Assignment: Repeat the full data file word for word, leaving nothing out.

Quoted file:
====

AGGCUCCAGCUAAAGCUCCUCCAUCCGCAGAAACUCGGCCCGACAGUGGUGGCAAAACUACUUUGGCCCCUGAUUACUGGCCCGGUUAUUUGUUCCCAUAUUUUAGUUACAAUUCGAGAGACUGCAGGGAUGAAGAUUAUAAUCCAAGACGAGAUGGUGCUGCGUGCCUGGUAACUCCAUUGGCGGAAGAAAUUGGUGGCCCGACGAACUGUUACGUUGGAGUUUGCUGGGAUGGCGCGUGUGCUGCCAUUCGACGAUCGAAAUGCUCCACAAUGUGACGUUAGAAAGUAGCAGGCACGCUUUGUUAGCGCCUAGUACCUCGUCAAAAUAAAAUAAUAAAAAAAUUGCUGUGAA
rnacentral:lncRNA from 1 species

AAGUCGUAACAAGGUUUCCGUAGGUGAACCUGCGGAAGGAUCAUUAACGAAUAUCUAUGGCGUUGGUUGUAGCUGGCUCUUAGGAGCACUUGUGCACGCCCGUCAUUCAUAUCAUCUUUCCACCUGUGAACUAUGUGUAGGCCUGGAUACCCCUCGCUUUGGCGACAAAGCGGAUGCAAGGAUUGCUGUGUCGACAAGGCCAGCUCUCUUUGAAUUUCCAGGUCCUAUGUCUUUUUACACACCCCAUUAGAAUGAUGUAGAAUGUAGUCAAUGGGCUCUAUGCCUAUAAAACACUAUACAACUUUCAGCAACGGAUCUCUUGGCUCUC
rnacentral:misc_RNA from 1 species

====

AGGCUCCAGCUAAAGCUCCUCCAUCCGCAGAAACUCGGCCCGACAGUGGUGGCAAAACUACUUUGGCCCCUGAUUACUGGCCCGGUUAUUUGUUCCCAUAUUUUAGUUACAAUUCGAGAGACUGCAGGGAUGAAGAUUAUAAUCCAAGACGAGAUGGUGCUGCGUGCCUGGUAACUCCAUUGGCGGAAGAAAUUGGUGGCCCGACGAACUGUUACGUUGGAGUUUGCUGGGAUGGCGCGUGUGCUGCCAUUCGACGAUCGAAAUGCUCCACAAUGUGACGUUAGAAAGUAGCAGGCACGCUUUGUUAGCGCCUAGUACCUCGUCAAAAUAAAAUAAUAAAAAAAUUGCUGUGAA
rnacentral:lncRNA from 1 species

AAGUCGUAACAAGGUUUCCGUAGGUGAACCUGCGGAAGGAUCAUUAACGAAUAUCUAUGGCGUUGGUUGUAGCUGGCUCUUAGGAGCACUUGUGCACGCCCGUCAUUCAUAUCAUCUUUCCACCUGUGAACUAUGUGUAGGCCUGGAUACCCCUCGCUUUGGCGACAAAGCGGAUGCAAGGAUUGCUGUGUCGACAAGGCCAGCUCUCUUUGAAUUUCCAGGUCCUAUGUCUUUUUACACACCCCAUUAGAAUGAUGUAGAAUGUAGUCAAUGGGCUCUAUGCCUAUAAAACACUAUACAACUUUCAGCAACGGAUCUCUUGGCUCUC
rnacentral:misc_RNA from 1 species